GALLERIES by Leigh Hatts
THE Royal Academy's controversial exhibition secretary Norman Rosenthal says that Pop Art is "the most popular art movement since impressionism" and sales at the RA's Pop Art exhibition shop look set to confirm this claim.
Andy Warhol blouses have already sold out and visitors are buying up Marilyn Monroe kiss stampers, soup can postcards, Pop Art diaries and even diced cakes based on Richard Hamilton's Epiphany.
Pop Art artists and the original enthusiasts are now aged at least 50 and the movement has become respectable enough to be sponsored by The Independent. But the show also bears the logo of Mercury Communications which looks to the next century. Twenty year olds find Pop Art fresh and exciting which makes it natural to have Radio One as the exhibition's "official radio station" occasionally broadcasting from the gallery.
The most extraordinary aspect of the exhibition is the feeling of being at a 1990s event rather than just a nostalgic trip back to the 1960s. Although there is a predominance of American work the term Pop Art originated here. Indeed the movement was probably started by the under represented Peter Blake before the 1960s when he produced his first version of the painting Children Reading Comics featuring The Eagle. That was completed as early as 1954 and before the exhibition's example which was less influential and is less easy to understand.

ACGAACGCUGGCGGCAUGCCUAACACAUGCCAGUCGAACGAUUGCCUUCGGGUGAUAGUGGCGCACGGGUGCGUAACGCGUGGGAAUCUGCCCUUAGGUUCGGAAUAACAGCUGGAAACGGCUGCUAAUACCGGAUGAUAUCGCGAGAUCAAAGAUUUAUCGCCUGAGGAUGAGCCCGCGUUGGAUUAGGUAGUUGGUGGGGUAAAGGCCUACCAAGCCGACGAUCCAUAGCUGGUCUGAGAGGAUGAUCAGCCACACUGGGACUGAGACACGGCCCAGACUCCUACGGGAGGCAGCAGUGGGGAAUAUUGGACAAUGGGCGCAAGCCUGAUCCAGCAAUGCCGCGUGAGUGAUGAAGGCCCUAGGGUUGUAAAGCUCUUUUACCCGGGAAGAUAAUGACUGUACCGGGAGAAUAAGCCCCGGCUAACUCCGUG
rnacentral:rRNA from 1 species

The exhibition is fun with its giant toothpaste tube and fake ice creams. Mercury has even placed a nine foot telephone handset in the entrance where the stairs have been covered by a David Hockney carpet.
But there is a discernible feeling of male domination which would be unacceptable today. All but one of the 60 artists are male. The heroes such as John F Kennedy are male. The female images of Marilyn Monroe and the Firestone Tyre girl are sex objects. Allen Jones' table comprising of a female figure on all fours with a perspex sheet on her back was already being condemned as sexist when shown at the ICA gallery in the 1980s.
It was fashionable in the 1960s to ignore religion so Patrick Caulfield's painting Christ at Emmaus, although rather flat and impersonal, comes as a surprise. But he has often rejected the Pop Art label along with Hockney who has three paintings looking rather out of place. Roy Lichtenstein's Rouen Cathedral II (seen at three different times of the day) has more to do with making the point about succeeding Impressionism.
At the end of the show you have to turn your back on Warhol's huge Mao and walk towards his equally large Virgin and Child (Raphael I -$6.99) produced just before his recent death. In this last decade communism is on the decline and Christianity and its symbolism is again evident.
Just before this climax is an easily missed doorway leading into the Radio One room containing a giant radio in the form of a half opened chocolate bar.
On headphones can be heard the DJs of the 1960s including Mike Raven. He is now known as the artist Churton Fairman and will be exhibiting his Christian inspired sculpture at Bloomsbury gallery early next spring.